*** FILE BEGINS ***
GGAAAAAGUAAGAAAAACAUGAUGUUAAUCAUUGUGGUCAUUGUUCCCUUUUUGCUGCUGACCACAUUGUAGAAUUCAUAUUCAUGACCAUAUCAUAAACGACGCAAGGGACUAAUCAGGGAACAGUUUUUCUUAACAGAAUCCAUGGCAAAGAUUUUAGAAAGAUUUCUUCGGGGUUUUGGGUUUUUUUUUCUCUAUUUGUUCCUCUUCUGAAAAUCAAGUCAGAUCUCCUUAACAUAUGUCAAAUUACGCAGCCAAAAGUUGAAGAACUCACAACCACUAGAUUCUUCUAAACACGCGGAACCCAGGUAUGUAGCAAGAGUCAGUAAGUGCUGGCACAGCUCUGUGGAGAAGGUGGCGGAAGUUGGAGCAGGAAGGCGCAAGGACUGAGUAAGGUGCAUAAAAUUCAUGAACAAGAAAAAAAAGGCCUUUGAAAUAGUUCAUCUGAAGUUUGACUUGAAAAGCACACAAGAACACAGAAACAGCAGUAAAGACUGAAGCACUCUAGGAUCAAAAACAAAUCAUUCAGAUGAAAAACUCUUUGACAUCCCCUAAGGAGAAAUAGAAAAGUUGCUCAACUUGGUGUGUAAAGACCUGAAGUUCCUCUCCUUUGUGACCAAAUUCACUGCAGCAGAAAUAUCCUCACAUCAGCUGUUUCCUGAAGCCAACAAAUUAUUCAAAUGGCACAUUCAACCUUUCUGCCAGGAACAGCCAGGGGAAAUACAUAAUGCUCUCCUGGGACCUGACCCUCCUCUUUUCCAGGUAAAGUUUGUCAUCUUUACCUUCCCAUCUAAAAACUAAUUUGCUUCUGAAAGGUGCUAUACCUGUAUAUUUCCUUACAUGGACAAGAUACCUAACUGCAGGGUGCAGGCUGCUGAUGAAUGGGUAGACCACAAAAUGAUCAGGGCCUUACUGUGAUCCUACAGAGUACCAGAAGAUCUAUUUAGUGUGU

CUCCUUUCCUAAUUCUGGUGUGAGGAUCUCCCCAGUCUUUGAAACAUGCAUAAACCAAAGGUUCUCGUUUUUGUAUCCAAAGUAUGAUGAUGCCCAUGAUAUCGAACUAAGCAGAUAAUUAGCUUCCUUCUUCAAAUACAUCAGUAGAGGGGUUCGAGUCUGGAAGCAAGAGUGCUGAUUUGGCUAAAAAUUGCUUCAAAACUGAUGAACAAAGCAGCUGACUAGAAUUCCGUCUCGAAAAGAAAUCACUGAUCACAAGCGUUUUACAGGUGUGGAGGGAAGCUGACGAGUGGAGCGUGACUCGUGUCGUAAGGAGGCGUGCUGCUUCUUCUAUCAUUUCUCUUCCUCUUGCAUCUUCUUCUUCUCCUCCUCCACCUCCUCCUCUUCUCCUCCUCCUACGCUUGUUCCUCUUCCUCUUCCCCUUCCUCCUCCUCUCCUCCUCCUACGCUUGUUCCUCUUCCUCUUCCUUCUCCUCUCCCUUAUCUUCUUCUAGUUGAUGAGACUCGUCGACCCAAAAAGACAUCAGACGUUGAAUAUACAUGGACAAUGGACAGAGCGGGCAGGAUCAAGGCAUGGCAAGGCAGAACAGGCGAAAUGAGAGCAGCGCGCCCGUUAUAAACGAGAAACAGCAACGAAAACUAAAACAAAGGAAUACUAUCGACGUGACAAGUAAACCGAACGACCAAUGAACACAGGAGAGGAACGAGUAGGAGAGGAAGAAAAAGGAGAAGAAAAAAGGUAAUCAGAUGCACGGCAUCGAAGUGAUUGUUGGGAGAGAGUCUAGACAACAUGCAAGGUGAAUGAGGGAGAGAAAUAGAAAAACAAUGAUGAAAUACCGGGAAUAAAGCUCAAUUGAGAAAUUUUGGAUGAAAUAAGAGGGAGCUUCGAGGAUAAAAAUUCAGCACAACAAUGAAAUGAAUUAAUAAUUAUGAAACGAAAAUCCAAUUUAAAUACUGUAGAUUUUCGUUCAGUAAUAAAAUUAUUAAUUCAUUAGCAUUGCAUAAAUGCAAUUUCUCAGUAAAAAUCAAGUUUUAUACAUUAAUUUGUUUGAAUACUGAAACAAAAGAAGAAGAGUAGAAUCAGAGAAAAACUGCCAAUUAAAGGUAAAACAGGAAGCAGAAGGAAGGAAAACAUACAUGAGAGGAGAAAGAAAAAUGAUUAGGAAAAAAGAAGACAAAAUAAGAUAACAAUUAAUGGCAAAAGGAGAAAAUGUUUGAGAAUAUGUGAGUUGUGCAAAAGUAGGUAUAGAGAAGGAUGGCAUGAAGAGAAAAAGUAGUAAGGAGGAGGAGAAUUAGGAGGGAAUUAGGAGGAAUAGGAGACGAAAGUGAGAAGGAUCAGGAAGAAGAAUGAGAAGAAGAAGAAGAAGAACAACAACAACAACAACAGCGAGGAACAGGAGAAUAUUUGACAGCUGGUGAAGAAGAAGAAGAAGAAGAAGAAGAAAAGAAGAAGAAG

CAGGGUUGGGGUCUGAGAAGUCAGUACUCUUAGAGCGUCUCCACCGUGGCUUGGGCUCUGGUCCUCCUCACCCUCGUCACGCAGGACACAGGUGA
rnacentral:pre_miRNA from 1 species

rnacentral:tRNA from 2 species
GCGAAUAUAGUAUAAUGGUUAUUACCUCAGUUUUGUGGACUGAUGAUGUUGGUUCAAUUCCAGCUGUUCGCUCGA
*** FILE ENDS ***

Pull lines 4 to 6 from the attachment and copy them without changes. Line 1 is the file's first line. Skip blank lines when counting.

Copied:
rnacentral:pre_miRNA from 1 species

rnacentral:tRNA from 2 species
GCGAAUAUAGUAUAAUGGUUAUUACCUCAGUUUUGUGGACUGAUGAUGUUGGUUCAAUUCCAGCUGUUCGCUCGA